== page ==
This was more akin to being soldiers together, or sharing boot camp, at least as I've heard and seen it described by those who served. It’s the most powerful kind of bonding.
Looking forward to seeing them made me want to come back, but It was the raw, gritty, honest conversation that kept me there for the long haul. The people would make anyone come back again where I started out - and it wasn't the so-so coffee - - it was its rawness and grit. The emotional honesty and common humanity riveted me. If a hologram of this program could be characterized by a single trait, I’d say it was humility. Humility and obscurity defined its essence.
In any given meeting in Manhattan, a homeless woman might sit to the right of me, while Liza Minelli, Mary Tyler Moore, or the mother on the Waltons, ironically, might be on my left. If anyone in our culture reflected the homespun and healthy values of American culture, it was the Walton family. Even more so than the Cleavers. They weathered the struggles and hardships of life with grace during a period that begged people to be tough and willing.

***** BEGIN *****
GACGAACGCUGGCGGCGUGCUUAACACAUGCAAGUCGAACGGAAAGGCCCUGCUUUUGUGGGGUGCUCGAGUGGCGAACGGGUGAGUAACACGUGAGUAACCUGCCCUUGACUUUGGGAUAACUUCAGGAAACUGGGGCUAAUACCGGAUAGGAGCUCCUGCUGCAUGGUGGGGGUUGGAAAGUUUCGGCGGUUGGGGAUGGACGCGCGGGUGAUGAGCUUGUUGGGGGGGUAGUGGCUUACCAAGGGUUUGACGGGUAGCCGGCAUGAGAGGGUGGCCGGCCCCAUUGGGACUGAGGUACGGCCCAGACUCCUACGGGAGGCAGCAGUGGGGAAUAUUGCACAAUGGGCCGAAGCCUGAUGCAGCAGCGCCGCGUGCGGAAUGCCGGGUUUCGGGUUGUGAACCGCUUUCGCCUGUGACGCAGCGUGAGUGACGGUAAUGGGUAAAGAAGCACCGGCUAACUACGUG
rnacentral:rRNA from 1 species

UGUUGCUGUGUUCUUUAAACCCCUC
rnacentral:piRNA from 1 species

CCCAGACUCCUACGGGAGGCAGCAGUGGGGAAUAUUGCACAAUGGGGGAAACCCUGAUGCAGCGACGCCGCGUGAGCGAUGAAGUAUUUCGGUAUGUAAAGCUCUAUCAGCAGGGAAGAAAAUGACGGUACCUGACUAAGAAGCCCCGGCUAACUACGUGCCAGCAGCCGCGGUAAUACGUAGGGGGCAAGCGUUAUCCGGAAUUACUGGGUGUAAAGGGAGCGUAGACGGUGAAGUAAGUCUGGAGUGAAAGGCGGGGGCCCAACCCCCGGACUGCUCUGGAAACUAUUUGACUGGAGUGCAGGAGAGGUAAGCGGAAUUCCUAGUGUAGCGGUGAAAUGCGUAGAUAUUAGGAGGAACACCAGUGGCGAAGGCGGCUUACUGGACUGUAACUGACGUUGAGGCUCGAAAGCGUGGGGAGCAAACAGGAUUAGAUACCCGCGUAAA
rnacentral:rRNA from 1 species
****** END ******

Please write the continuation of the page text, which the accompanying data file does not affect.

The healing took place in many ways. Humor was an important ingredient to this good medicine. We laughed at ourselves. A mighty sense of humor laced the rooms, allowing us to see the absurdity of our behavior with humor amidst the wreckage that was sometimes too painful to focus on. The humor helped to begin the process of forgiving ourselves. We remembered what it was to genuinely laugh while being fully present. I’m not sure there’s anything more vibrant and thrilling than having a deep, genuine belly laugh at ourselves. Most importantly, however, self-effacing humor helped us let go of shame. Shame had been growing inside most of us incrementally, until it’s weight became so heavy that we couldn’t move - even though most walking in the door would struggle to find words for what kept them frozen in place. The real freedom to step into different choices came when we surrendered ourselves to something beyond ourselves there - no matter what we called it.